Defined by Gordon Willey in his 1949 report. Directly associated with Alligator Bayou Stamped. The difference between these two types is that the Alligator Bayou Stamped has rocker stamping associated with bold incised lines, while Basin Bayou Incised has just the bold lines without the rocker stamping. Named after the Basin Bayou sites, 8Wl13 and 8Wl14 in Walton County, Florida.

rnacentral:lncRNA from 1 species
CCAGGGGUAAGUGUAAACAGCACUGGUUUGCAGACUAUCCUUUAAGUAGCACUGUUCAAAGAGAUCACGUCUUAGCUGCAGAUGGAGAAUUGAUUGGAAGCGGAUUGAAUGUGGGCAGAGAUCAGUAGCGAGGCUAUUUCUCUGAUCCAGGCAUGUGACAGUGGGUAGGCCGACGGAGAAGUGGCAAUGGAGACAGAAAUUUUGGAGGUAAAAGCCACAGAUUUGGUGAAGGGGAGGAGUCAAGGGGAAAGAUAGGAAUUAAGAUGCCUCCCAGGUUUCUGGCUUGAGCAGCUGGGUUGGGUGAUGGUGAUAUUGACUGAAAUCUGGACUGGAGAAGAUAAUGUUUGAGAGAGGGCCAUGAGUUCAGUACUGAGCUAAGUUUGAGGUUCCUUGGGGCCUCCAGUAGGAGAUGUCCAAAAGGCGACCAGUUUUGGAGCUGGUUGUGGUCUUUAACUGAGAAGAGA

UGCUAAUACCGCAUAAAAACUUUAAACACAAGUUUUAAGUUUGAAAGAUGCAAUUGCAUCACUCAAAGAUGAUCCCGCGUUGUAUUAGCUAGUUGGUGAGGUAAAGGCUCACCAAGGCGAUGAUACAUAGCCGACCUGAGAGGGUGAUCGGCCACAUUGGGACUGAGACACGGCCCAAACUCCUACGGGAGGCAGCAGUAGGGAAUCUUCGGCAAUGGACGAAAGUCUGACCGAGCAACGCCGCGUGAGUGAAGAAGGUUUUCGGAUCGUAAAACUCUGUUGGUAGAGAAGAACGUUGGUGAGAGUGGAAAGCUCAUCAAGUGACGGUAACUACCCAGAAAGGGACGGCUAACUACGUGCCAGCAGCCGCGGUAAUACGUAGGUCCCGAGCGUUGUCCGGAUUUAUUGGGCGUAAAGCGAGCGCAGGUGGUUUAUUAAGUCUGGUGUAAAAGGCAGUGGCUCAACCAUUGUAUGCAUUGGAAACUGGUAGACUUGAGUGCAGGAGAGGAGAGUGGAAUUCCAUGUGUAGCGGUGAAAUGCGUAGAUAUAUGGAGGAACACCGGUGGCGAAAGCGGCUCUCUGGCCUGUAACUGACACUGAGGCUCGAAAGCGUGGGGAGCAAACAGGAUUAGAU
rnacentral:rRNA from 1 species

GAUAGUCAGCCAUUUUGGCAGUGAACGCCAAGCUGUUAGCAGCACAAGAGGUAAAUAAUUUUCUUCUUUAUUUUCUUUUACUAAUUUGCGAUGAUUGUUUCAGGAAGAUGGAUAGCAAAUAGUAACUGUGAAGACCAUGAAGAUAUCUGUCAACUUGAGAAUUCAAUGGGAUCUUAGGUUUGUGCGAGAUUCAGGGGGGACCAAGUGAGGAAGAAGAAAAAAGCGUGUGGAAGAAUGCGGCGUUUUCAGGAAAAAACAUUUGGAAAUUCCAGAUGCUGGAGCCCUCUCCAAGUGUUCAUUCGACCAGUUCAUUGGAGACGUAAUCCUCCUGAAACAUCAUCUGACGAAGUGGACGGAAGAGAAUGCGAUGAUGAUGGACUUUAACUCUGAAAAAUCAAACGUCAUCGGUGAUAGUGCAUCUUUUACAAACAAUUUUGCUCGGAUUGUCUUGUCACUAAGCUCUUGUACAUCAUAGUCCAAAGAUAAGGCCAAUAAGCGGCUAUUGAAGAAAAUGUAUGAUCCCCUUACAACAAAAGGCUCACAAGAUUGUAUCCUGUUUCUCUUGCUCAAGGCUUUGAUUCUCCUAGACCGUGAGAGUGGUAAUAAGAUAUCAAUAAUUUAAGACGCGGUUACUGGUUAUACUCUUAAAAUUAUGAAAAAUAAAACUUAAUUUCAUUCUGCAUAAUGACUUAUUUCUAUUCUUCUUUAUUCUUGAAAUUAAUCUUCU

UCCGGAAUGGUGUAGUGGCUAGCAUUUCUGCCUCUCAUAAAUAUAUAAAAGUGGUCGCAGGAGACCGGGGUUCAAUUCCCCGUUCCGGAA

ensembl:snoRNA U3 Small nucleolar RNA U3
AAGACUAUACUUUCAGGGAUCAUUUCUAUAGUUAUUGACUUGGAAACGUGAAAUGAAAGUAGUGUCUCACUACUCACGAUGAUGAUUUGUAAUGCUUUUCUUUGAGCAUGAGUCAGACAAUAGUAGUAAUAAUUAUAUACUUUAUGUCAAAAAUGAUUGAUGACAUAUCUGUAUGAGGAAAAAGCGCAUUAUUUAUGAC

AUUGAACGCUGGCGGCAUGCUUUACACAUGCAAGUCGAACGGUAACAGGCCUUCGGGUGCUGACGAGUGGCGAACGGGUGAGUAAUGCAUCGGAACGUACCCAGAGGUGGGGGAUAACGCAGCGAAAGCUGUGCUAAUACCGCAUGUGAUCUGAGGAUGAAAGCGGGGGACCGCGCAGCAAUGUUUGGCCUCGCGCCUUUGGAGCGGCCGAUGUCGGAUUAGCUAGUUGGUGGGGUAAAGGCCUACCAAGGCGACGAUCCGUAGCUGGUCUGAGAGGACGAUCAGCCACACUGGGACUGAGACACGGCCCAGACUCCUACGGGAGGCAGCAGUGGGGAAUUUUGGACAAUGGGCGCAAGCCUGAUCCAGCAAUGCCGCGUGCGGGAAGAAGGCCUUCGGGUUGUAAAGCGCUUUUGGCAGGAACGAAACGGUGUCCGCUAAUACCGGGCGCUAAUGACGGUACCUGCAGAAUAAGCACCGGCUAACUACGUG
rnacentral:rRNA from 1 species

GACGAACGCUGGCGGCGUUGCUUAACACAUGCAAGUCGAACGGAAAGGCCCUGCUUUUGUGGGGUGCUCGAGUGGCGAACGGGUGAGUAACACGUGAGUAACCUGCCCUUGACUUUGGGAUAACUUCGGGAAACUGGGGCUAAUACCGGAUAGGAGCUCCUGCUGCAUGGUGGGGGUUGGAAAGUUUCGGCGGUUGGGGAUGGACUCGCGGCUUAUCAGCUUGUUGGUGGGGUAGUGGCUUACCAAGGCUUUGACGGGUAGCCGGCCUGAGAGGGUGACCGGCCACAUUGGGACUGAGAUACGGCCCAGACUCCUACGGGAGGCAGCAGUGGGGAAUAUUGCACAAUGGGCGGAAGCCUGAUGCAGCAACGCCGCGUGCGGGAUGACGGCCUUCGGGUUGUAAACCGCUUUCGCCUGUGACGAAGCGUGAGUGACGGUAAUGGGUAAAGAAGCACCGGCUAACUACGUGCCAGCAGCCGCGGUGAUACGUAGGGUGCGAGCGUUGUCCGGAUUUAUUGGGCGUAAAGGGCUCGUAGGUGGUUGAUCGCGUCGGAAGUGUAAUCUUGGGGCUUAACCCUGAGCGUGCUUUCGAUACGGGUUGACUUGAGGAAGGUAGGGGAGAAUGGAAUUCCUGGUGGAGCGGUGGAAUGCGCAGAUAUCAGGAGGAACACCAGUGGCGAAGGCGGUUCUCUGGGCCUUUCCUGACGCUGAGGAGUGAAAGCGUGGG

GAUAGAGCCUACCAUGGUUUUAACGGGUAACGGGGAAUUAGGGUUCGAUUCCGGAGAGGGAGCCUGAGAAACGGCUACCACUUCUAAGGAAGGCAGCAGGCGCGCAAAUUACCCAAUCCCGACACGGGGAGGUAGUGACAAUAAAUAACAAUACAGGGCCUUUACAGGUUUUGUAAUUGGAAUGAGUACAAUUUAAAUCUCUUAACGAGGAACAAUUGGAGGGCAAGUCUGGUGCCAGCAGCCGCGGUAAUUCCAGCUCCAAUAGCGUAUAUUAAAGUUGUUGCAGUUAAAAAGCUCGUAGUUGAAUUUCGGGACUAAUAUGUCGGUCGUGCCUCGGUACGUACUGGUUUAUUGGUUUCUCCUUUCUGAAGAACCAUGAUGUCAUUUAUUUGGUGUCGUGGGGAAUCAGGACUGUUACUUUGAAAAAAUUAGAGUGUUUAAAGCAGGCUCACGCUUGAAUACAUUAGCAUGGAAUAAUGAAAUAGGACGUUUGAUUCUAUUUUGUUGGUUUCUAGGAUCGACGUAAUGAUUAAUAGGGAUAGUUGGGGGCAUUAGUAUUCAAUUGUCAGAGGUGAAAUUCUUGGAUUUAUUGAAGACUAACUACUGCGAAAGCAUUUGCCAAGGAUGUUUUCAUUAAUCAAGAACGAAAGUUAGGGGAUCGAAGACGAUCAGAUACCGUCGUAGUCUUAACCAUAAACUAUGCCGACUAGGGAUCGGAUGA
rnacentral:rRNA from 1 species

Bold incised lines on sand-tempered pottery. Rectilinear and curvilinear motifs are present. Combinations of both motifs on the same vessel are represented. The lines average 2 to 3 millimeters in width. Arrangements of parallel, diagonal lines, concentric rectangles, concentric triangles, meandering scrolls, and complex and highly stylized life figures make up the designs. Bird designs are also present. These designs frequently depict wings, tails, heads, and other bird parts on different sides of these vessels. Deep hemiconical terminal punctuations mark the ends or junctures of the incised lines. The rims of these vessels are offset from area of decoration by a single bordering incised line. Known vessel forms include flattened-globular bowls and straight-sided beakers. Rims are incurved with and without exterior marginal folds or thickenings, straight or slightly out-slanted, and lack a marginal fold. Lips are scalloped or notched, round-flattened, or round-pointed.